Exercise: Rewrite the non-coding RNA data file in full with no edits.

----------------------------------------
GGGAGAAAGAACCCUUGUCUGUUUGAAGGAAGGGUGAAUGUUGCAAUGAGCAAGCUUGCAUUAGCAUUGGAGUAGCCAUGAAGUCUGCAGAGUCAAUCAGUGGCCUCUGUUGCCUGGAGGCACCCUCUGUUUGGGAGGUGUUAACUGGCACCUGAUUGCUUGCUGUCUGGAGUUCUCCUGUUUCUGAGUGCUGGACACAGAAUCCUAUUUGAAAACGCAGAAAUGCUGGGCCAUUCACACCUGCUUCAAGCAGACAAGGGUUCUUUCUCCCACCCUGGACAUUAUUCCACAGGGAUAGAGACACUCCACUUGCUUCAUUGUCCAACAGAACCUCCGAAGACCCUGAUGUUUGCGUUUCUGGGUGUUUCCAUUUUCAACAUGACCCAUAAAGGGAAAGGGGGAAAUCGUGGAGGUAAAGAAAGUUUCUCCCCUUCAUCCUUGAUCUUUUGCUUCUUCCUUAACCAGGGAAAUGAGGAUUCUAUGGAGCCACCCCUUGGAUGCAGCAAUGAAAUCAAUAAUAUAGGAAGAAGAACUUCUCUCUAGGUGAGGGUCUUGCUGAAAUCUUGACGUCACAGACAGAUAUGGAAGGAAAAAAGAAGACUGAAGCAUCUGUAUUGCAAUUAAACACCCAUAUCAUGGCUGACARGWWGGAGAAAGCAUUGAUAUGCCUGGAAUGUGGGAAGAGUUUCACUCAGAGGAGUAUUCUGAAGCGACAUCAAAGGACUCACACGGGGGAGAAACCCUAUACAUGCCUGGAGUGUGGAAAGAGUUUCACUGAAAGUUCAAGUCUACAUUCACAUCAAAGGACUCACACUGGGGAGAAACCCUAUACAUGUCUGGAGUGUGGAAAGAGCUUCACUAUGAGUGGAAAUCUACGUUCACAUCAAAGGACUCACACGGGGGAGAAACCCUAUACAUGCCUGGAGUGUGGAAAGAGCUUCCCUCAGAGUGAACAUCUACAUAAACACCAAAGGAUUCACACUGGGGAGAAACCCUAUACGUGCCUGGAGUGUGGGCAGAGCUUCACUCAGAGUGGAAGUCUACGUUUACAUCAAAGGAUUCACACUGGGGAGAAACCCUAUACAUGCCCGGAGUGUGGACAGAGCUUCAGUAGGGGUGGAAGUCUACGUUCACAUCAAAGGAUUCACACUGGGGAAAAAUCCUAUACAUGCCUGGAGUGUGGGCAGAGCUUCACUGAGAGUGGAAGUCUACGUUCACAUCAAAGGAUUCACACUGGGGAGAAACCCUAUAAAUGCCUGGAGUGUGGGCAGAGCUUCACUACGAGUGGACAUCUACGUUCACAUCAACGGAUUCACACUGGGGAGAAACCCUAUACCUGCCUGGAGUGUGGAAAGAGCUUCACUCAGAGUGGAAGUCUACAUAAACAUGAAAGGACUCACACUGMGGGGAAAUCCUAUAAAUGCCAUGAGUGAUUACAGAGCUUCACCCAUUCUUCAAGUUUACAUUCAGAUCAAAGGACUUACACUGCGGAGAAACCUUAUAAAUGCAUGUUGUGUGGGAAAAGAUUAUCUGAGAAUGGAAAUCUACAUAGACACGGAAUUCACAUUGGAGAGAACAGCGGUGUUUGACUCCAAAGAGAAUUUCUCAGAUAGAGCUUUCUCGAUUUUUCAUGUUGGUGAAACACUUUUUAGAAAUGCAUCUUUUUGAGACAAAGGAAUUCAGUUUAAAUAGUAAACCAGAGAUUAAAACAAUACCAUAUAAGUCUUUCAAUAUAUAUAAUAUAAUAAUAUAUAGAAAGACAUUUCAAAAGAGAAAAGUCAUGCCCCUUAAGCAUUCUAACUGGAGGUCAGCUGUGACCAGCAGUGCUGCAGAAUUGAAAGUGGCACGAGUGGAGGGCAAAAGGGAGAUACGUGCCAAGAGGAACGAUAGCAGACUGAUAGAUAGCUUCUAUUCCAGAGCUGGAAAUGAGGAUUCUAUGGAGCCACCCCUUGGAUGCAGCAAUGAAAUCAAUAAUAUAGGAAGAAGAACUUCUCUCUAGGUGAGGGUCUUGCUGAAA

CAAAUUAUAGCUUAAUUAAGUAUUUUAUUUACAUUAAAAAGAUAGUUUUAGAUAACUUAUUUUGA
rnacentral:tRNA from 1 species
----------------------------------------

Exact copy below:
GGGAGAAAGAACCCUUGUCUGUUUGAAGGAAGGGUGAAUGUUGCAAUGAGCAAGCUUGCAUUAGCAUUGGAGUAGCCAUGAAGUCUGCAGAGUCAAUCAGUGGCCUCUGUUGCCUGGAGGCACCCUCUGUUUGGGAGGUGUUAACUGGCACCUGAUUGCUUGCUGUCUGGAGUUCUCCUGUUUCUGAGUGCUGGACACAGAAUCCUAUUUGAAAACGCAGAAAUGCUGGGCCAUUCACACCUGCUUCAAGCAGACAAGGGUUCUUUCUCCCACCCUGGACAUUAUUCCACAGGGAUAGAGACACUCCACUUGCUUCAUUGUCCAACAGAACCUCCGAAGACCCUGAUGUUUGCGUUUCUGGGUGUUUCCAUUUUCAACAUGACCCAUAAAGGGAAAGGGGGAAAUCGUGGAGGUAAAGAAAGUUUCUCCCCUUCAUCCUUGAUCUUUUGCUUCUUCCUUAACCAGGGAAAUGAGGAUUCUAUGGAGCCACCCCUUGGAUGCAGCAAUGAAAUCAAUAAUAUAGGAAGAAGAACUUCUCUCUAGGUGAGGGUCUUGCUGAAAUCUUGACGUCACAGACAGAUAUGGAAGGAAAAAAGAAGACUGAAGCAUCUGUAUUGCAAUUAAACACCCAUAUCAUGGCUGACARGWWGGAGAAAGCAUUGAUAUGCCUGGAAUGUGGGAAGAGUUUCACUCAGAGGAGUAUUCUGAAGCGACAUCAAAGGACUCACACGGGGGAGAAACCCUAUACAUGCCUGGAGUGUGGAAAGAGUUUCACUGAAAGUUCAAGUCUACAUUCACAUCAAAGGACUCACACUGGGGAGAAACCCUAUACAUGUCUGGAGUGUGGAAAGAGCUUCACUAUGAGUGGAAAUCUACGUUCACAUCAAAGGACUCACACGGGGGAGAAACCCUAUACAUGCCUGGAGUGUGGAAAGAGCUUCCCUCAGAGUGAACAUCUACAUAAACACCAAAGGAUUCACACUGGGGAGAAACCCUAUACGUGCCUGGAGUGUGGGCAGAGCUUCACUCAGAGUGGAAGUCUACGUUUACAUCAAAGGAUUCACACUGGGGAGAAACCCUAUACAUGCCCGGAGUGUGGACAGAGCUUCAGUAGGGGUGGAAGUCUACGUUCACAUCAAAGGAUUCACACUGGGGAAAAAUCCUAUACAUGCCUGGAGUGUGGGCAGAGCUUCACUGAGAGUGGAAGUCUACGUUCACAUCAAAGGAUUCACACUGGGGAGAAACCCUAUAAAUGCCUGGAGUGUGGGCAGAGCUUCACUACGAGUGGACAUCUACGUUCACAUCAACGGAUUCACACUGGGGAGAAACCCUAUACCUGCCUGGAGUGUGGAAAGAGCUUCACUCAGAGUGGAAGUCUACAUAAACAUGAAAGGACUCACACUGMGGGGAAAUCCUAUAAAUGCCAUGAGUGAUUACAGAGCUUCACCCAUUCUUCAAGUUUACAUUCAGAUCAAAGGACUUACACUGCGGAGAAACCUUAUAAAUGCAUGUUGUGUGGGAAAAGAUUAUCUGAGAAUGGAAAUCUACAUAGACACGGAAUUCACAUUGGAGAGAACAGCGGUGUUUGACUCCAAAGAGAAUUUCUCAGAUAGAGCUUUCUCGAUUUUUCAUGUUGGUGAAACACUUUUUAGAAAUGCAUCUUUUUGAGACAAAGGAAUUCAGUUUAAAUAGUAAACCAGAGAUUAAAACAAUACCAUAUAAGUCUUUCAAUAUAUAUAAUAUAAUAAUAUAUAGAAAGACAUUUCAAAAGAGAAAAGUCAUGCCCCUUAAGCAUUCUAACUGGAGGUCAGCUGUGACCAGCAGUGCUGCAGAAUUGAAAGUGGCACGAGUGGAGGGCAAAAGGGAGAUACGUGCCAAGAGGAACGAUAGCAGACUGAUAGAUAGCUUCUAUUCCAGAGCUGGAAAUGAGGAUUCUAUGGAGCCACCCCUUGGAUGCAGCAAUGAAAUCAAUAAUAUAGGAAGAAGAACUUCUCUCUAGGUGAGGGUCUUGCUGAAA

CAAAUUAUAGCUUAAUUAAGUAUUUUAUUUACAUUAAAAAGAUAGUUUUAGAUAACUUAUUUUGA
rnacentral:tRNA from 1 species